The work of NASA’s Transiting Exoplanet Survey Satellite is nothing short of surreal. Imagine going back a thousand years and explaining to someone how future scientists would have a machine that could detect alien worlds floating at distances beyond human imagination.
The spaceborne instrument has discovered thousands of exoplanets since 2018. We see one shaped like a football, another that appears to be covered in a sea of lava, and even a glass ball – sideways.
On Wednesday, international scientists announced that one such foreign realm that Tess is dutifully hunting down may be covered in an elixir of life: water.
I’m not sure about your situation, but I’m recalling that scene in Interstellar where Cooper lands on a world with skyscraper-sized waves.
This possible “ocean world” lives about 100 light-years from Earth, orbiting within a binary star system in the constellation Draco, according to the team’s research published this month in The Astronomical Journal. Named TOI-1452 b, it is suspected to be 70% larger than our planet, about five times as massive as Earth, rotates at a rhythm of 7 Earth days, and is neither too hot nor too hot for liquid water Cold exists on its surface.
But surprisingly, its density appears to be consistent with having an incredibly deep ocean—either that, a massive rock with little or no atmosphere, or possibly an atmosphere of hydrogen and helium.
“TOI-1452 b is one of the best candidates for an oceanic planet we’ve discovered to date,” said study lead author Charles Cadieux, a doctoral student at Université de Montréal and member of the university’s Institute for Exoplanets, in a press release Wednesday. said in. “Its radius and mass suggest that it is much less dense than one would expect for a planet that is basically composed of metal and rock, like Earth.”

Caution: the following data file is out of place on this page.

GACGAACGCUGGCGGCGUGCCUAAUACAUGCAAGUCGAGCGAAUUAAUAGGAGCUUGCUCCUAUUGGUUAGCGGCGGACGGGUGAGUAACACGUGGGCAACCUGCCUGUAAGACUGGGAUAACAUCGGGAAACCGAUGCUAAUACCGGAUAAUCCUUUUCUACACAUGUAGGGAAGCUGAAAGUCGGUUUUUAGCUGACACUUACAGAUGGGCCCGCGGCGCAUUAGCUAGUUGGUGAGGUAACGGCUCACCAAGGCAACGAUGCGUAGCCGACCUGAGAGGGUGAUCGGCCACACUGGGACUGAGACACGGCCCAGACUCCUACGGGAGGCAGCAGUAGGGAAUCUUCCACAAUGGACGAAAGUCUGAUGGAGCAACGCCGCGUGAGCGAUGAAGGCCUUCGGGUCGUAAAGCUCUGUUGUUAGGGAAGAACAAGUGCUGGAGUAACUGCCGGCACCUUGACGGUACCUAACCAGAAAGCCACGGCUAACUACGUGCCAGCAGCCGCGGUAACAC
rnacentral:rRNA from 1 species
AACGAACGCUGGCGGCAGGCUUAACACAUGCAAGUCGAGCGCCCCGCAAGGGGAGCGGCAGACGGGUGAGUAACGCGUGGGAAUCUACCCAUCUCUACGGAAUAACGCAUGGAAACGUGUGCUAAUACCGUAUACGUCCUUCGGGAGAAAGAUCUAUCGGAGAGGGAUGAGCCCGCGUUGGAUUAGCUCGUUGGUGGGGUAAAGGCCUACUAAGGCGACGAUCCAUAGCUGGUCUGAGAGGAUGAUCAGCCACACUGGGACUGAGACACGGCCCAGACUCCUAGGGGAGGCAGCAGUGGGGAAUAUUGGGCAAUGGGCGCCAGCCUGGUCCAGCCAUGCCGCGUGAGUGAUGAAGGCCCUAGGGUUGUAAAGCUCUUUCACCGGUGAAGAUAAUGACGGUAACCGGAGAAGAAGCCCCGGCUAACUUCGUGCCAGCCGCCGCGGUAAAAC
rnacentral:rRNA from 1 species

If this hypothesis is correct – TOI-1452 b fits in Poseidon’s dream – it will resemble some place in our own solar system. Saturn’s bright and cold moon Enceladus is thought to host a global subsurface saltwater ocean beneath an icy shield. Ganymede, one of Jupiter’s luminous partners and the largest moon near our universe, has its own frozen waters.
Sounds like a job for the Webb Space Telescope
While exoplanet discoveries have cropped up over the past few years, there’s an extra level of excitement when scientists discover one today.
That’s because we now have the James Webb Space Telescope, another incredible machine a million miles from Earth that can decode the secrets of the universe – cosmic data hidden in infrared guise.
“And, fortunately,” TOI-1452 b’s press release said, “it is located in an area of the sky that the telescope can observe year-round.”
“Our observations with the Webb telescope are critical to better understanding TOI-1452 b,” René Doyon, director of iREx at Université de Montréal, author of the recent study, and a member of the team behind one of JWST’s major facilities, said in the release. “We will book a time on Webb as soon as possible to observe this strange and wonderful world.”
Through JWST, Doyon and other researchers hope to study the exoplanet’s atmosphere in more detail and test whether it really is a great world for liquid water. According to the team, it is one of the few known temperate planets with features consistent with oceanic planets. That’s why it’s so tempting to contemplate.
Also, the reason TOI-1452 b is expected to have such a cold climate is that it orbits in a binary system with stars much smaller than our sun and doesn’t get lost also Stay away from planets of interest. The distance between the gas ball and its stellar partner is about two and a half times the distance between the sun and Pluto, the study authors said.
Fascinatingly, the whole situation was so complex that TESS needed some backup to write the TOI-1452 b story. The researchers would need to use some other high-tech instruments – which would also surprise our hypothetical ancient audience – such as the Observatoire du Mont-Megantic’s PESTO camera. The device specializes in the red part of the electromagnetic spectrum.
“The OMM played a crucial role in confirming the nature of this signal and estimating the planet’s radius,” Cadieu said. “This was not a routine check. We had to make sure that the signal detected by TESS was indeed caused by an exoplanet orbiting TOI-1452, the largest of the two stars in the binary system.”
May this (water) world be your oyster, JWST.